The Great Depression saw a similar effect with steep deleveraging followed by grinding inflation. Our Keynesian governments have shovelled deficit into the hole caused by deleveraging but they have no way of unshovelling when it filps over to an inflationary stage. Australia is not as bad, China is buying our commodities and foreign investors still love us.

    Australian mortgages have become the new stealth tax. Government spends the money on “stimulus” and runs up a deficit. This in turn generates inflation so Government allows the banks to up interest rates “because we have to control inflation”. Banks take the difference out of the mortgage holders, then the government takes the tax out of the banks. Ta da! Wealth distribution. Take from the middle class, push some of it down to the poor, some of it up to the wealthy.

    Getting back to gold, aside from the inflation protection it offers, the potential for upside comes down to how we move forward reconfiguring international trade. It seems obvious that US dollars cannot remain the core of international trade forever. The Federal Reserve printing press is beating that message into the whole world and the coming wave of US inflation will beat the message even harder.

    China is experimenting with various options right now. They are making deals with Russia for bi-lateral exchanges… not sure how successful that might be. They have purchased some IMF SDR paper (presumably purchased with US dollars), but it remains to be seen what this IMF paper can do.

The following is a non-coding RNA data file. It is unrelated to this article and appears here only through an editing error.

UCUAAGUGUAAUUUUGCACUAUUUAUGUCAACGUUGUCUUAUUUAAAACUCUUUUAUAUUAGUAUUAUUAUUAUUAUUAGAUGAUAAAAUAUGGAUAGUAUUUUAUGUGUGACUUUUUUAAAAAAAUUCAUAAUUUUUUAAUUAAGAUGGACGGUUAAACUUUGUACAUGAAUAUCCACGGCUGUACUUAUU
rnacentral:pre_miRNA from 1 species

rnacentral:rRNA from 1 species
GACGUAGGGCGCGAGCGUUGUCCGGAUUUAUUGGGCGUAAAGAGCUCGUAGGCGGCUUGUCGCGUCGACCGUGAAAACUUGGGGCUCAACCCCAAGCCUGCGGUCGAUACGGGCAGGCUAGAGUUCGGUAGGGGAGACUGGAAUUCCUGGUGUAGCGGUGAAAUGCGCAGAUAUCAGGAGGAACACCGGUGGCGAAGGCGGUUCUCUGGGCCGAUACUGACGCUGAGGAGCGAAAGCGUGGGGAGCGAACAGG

My feeling is that we will end up with some commodity basket as the reference for international trading, and both gold and silver will be in that basket. No doubt a lot of closed door negotiations are under way, no doubt the doors will stay closed until the very last minute to ensure none of the small-time punters get the advantages that the insiders get.

  8. Bullturnedbear says:

    Hi Elliotwave,

    I don’t know where you get the 1 nil from. But go for it all you like. Call it 100 to nil. I have said repeatedly, I don’t care if gold goes up or down and it will go up and down all the time. If gold fell $40 or $50 in a few weeks will you say that you were wrong? Of course not!

    I can’t go past your comment “What other investment is there out there that can trump gold as an investment class?”. That is simply a crazy comment.

    Almost all commodities greatly outgrew gold in the last 10 years and all blew gold off the planet in the last 30 years. Uranium rose some massive figure (I forget, can’t bother looking it up) say 1,400% in the last 10 years, before crashing 60 or more % last year. From 1980 to today gold has risen in $US by $45. That’s a .34% per annum return. Go gold. That’s a terrible return.